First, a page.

Spatial and Temporal Distribution

The tubular lepidopteran midgut is structurally simple, and with a pH gradient from the highly alkaline (ca. 10) anterior end to the nearly neutral posterior ends [14]. The spatial distribution of some bacterial species might reflect their pH tolerance (Figure 2). A strain showing high sequence similarity to E. termitis isolated from termite gut was found specifically in the hindgut [32]. Clostridium sp. was the most dominant species in the midgut of 6-day-old larva (Figure 4). They were also the most dominant linage in the gut of the European cockchafer, where 100 µm away from the gut all becomes completely anoxic [33]. In the lepidopteran larval gut, Clostridium sp. was only detectable about 50 µm inside the gut wall (Figure 3), in accordance with its anaerobic nature. As the insects grew bigger, the ratio of gut volume to the gut surface increased with a factor of D/4 (here D is the diameter of the gut). As a consequence, anaerobic species like Clostridia became more dominant. Besides the change of the Clostridium sp., the overall composition of the gut microbiota change significantly as the insect ages (Figure 6), suggesting the involvement of other host-derived factor(s) shaping the gut community.

Figure 6. The phylogeny-based β-diversity values between bacterial communities detected in the gut of S. littoralis larvae at different instars and after feeding on different diets by cloning and sequencing.

The upper values are the parsimony scores and the lower values are the weighted UniFrac scores. Higher score indicates that the two samples are more different on bacterial composition. All significance are lower than 0.001. Artificial food was depicted as cubes; Lima bean as a single leaf; barley as a whole plant.

Impact of Food

Most lepidopteran herbivores are highly polyphagous and naturally exposed to bacteria via food consumption. However, the bacteria on the food plant were very different from those in the guts (Table 1), which are again different from those in frass (Table S2). The alkaline pH, digestion enzymes, reactive oxygen species produced by cells of the gut membrane [34] along with the ionic strength in insect gut generally kill the ingested bacteria [35]. Persisting bacteria might become gut colonizers, or remain as transient passengers [18]. We found examples of all, e.g. X. campestris from the artificial diet of S. littoralis were not detectable in the insect guts. A bacterium belonging to Anammoxales was detected in both plant and insects, while C. maltaromaticum was abundant in H. armigera frass (Table S2).

The gut bacterial communities in insects feeding on different diet are dramatically deferent (Figure 6). It has been shown that the gut microbial composition was different between crickets feeding on protein-rich diet and those feeding on fiber-rich diet [36]. P. agglomerans that was also found in gypsy moth larvae [16] and in locust hindguts [28] was also detectable in our plant-fed larvae (Figure 5). In the S. littoralis larvae that ingested Lima bean, many low-abundant species began to bloom. The dominance of some species such as Enterococci and Lactobacilli can be explained by their cyanide resistance [37]. When a large amount of E. coli were ingested, the gut microbiota of H. armigera became more complex. Whether this is due to a probiotic effect or dysbacteriosis needs further investigation.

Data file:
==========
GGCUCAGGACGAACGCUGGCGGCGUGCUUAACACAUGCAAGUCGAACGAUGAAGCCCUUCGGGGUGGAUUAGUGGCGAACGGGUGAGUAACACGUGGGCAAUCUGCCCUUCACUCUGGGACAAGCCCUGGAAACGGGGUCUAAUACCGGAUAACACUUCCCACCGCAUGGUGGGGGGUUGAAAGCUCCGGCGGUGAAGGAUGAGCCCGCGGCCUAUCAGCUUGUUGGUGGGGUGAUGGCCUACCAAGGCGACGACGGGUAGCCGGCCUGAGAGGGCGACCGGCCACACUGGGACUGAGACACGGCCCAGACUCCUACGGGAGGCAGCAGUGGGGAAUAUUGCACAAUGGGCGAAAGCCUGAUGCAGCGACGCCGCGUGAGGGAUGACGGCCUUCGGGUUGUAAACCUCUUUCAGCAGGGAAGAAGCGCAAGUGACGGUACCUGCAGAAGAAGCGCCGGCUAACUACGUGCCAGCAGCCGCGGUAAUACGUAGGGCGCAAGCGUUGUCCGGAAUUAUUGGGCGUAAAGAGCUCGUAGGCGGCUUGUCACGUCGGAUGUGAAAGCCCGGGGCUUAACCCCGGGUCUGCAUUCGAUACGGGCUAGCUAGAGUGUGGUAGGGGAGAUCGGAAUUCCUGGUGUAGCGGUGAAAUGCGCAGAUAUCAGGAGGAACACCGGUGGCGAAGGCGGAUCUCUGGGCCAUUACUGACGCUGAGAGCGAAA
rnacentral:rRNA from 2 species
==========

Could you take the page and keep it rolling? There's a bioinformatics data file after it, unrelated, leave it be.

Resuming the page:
The comprehensiveness of the current study on microbiota of lepidopteran gut is only comparable by few studies performed on termites [38], and fruit flies [24], [39]. Demonstrating the existence of the core bacterial community established a platform for further evaluation of the tritrophic bacteria-insect-plant interaction. Further research on each individual species as well as genetic and chemical manipulating the insect and bacteria partners will advance our knowledge on the role of lepidopteran gut microbiota far beyond the old assumption as neutral commensals. As microbiota contribute substantially to insect nutritional ecology and other processes, understanding the physiological role of gut microbiota could potentially pave the way for novel pest control strategies.

Materials and Methods

Insects and Plants

S. littoralis eggs were purchased from Syngenta Crop Protection Münchwilen AG (Münchwilen, Switzerland). The artificial food made of white bean and some essential nutrients was prepared according to [15]. Eggs were hatched at 14°C. Larvae were transferred to room temperature (24°C). Neonatal larvae (400), 2-day-old (400) and 6-day-old (50) larvae were used to prepare the DNA template, while the 10-day-old (20) and 14-day old (7) larvae were dissected, the whole gut was used for DNA preparation. The cuticle of 10-day-old larvae was collected as control. After starvation for 4 hours, larvae were rinsed 3 times alternatively with water and 70% ethanol before dissection. Samples were stored at −20°C before DNA extraction.

H. armigera strain TWB (from laboratory stock) and strain HELIAR (Bayer CropScience, Monheim, Germany) were grown on artificial diet or on plants until the beginning of the final instar as described previously [40]. Artificial diet doped with E. coli was performed as described before [12]. Midguts (3×5 larvae per diet) were dissected from freeze-killed larvae in ice-cold phosphate-buffered saline solution (PBS), immersed in ice-cold balanced salt solution (BSS) and kept at −20°C.

Tomato (Solanum lycopersicum), cabbage (Brassicae oleraceae), cotton (Gossypium hirsutum), barley (Hordeum vulgare subsp. vulgare Cultivar: Barke) and lima bean (Phaseolus lunatus strain CV_JWBJ A) were cultivated in the greenhouse [20], [37]. Small larvae were reared in a box and supplied with fresh cuttings of plant shoots on a daily basis.

16S rRNA Gene Library and Sequencing